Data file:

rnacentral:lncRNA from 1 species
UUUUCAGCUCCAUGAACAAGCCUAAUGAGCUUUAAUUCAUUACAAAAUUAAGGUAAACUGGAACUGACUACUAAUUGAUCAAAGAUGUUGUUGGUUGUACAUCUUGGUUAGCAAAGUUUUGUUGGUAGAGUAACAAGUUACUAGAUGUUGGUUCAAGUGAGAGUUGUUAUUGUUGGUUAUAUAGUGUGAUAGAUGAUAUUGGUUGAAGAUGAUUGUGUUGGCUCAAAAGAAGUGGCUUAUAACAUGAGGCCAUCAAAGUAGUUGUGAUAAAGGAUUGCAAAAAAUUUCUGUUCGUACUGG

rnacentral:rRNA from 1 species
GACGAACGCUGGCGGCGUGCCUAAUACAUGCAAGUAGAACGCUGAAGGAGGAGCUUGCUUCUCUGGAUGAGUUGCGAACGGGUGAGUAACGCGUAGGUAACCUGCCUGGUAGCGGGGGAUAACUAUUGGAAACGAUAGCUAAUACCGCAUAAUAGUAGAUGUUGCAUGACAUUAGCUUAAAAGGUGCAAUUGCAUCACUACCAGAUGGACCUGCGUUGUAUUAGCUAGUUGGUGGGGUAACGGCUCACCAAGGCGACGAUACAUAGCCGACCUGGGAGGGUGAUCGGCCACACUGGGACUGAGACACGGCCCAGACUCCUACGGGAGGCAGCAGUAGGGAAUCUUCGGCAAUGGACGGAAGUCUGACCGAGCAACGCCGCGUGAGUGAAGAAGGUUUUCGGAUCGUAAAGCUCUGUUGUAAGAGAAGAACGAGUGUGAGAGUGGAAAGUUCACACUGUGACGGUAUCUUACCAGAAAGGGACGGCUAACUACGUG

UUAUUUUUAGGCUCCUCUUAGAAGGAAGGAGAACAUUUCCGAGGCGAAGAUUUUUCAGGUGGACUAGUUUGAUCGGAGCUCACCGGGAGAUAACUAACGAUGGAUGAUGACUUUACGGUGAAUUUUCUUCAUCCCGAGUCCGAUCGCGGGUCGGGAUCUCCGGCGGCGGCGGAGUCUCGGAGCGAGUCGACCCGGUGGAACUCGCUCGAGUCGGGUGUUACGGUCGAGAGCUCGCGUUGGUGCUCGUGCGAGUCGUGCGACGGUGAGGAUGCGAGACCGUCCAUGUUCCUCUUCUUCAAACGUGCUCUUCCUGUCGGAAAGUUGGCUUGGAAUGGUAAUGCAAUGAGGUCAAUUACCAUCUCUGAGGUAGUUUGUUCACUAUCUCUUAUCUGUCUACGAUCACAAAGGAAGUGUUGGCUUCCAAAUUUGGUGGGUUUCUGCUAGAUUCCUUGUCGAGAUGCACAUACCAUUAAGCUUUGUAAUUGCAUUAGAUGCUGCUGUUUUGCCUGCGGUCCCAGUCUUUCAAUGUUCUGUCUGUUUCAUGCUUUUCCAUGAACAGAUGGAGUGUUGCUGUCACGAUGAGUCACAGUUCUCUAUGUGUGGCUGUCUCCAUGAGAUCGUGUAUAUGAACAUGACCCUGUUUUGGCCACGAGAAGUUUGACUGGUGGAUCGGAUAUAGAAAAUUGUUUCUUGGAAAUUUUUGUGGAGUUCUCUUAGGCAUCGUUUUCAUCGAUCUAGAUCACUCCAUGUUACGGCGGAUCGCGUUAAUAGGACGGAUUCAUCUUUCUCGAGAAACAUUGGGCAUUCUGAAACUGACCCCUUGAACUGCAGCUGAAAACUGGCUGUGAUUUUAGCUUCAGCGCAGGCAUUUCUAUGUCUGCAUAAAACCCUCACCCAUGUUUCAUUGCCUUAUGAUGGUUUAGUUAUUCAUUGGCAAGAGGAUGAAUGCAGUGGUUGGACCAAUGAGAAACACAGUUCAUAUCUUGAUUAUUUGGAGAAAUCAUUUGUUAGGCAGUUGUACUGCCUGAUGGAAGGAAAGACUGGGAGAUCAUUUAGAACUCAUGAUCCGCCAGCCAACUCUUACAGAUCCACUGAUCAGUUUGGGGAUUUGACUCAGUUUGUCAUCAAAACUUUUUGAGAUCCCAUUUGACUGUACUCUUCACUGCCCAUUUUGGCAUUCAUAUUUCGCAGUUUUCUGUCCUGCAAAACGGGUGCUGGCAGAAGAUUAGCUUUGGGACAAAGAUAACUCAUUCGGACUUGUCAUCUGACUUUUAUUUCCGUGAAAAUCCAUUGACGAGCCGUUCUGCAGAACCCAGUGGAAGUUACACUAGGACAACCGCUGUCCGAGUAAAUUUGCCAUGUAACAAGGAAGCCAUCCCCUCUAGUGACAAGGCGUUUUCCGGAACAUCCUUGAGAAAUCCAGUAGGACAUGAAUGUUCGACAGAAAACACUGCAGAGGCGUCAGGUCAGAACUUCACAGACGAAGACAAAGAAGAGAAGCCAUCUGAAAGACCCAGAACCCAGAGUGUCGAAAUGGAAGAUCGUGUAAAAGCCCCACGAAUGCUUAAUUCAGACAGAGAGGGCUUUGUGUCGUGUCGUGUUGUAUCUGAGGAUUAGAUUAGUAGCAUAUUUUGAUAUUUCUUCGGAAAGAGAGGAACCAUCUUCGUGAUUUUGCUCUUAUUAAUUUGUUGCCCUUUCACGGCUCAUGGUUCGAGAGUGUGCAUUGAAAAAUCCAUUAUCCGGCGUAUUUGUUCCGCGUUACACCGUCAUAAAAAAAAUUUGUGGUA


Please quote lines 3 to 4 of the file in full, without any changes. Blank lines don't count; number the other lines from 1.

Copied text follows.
rnacentral:rRNA from 1 species
GACGAACGCUGGCGGCGUGCCUAAUACAUGCAAGUAGAACGCUGAAGGAGGAGCUUGCUUCUCUGGAUGAGUUGCGAACGGGUGAGUAACGCGUAGGUAACCUGCCUGGUAGCGGGGGAUAACUAUUGGAAACGAUAGCUAAUACCGCAUAAUAGUAGAUGUUGCAUGACAUUAGCUUAAAAGGUGCAAUUGCAUCACUACCAGAUGGACCUGCGUUGUAUUAGCUAGUUGGUGGGGUAACGGCUCACCAAGGCGACGAUACAUAGCCGACCUGGGAGGGUGAUCGGCCACACUGGGACUGAGACACGGCCCAGACUCCUACGGGAGGCAGCAGUAGGGAAUCUUCGGCAAUGGACGGAAGUCUGACCGAGCAACGCCGCGUGAGUGAAGAAGGUUUUCGGAUCGUAAAGCUCUGUUGUAAGAGAAGAACGAGUGUGAGAGUGGAAAGUUCACACUGUGACGGUAUCUUACCAGAAAGGGACGGCUAACUACGUG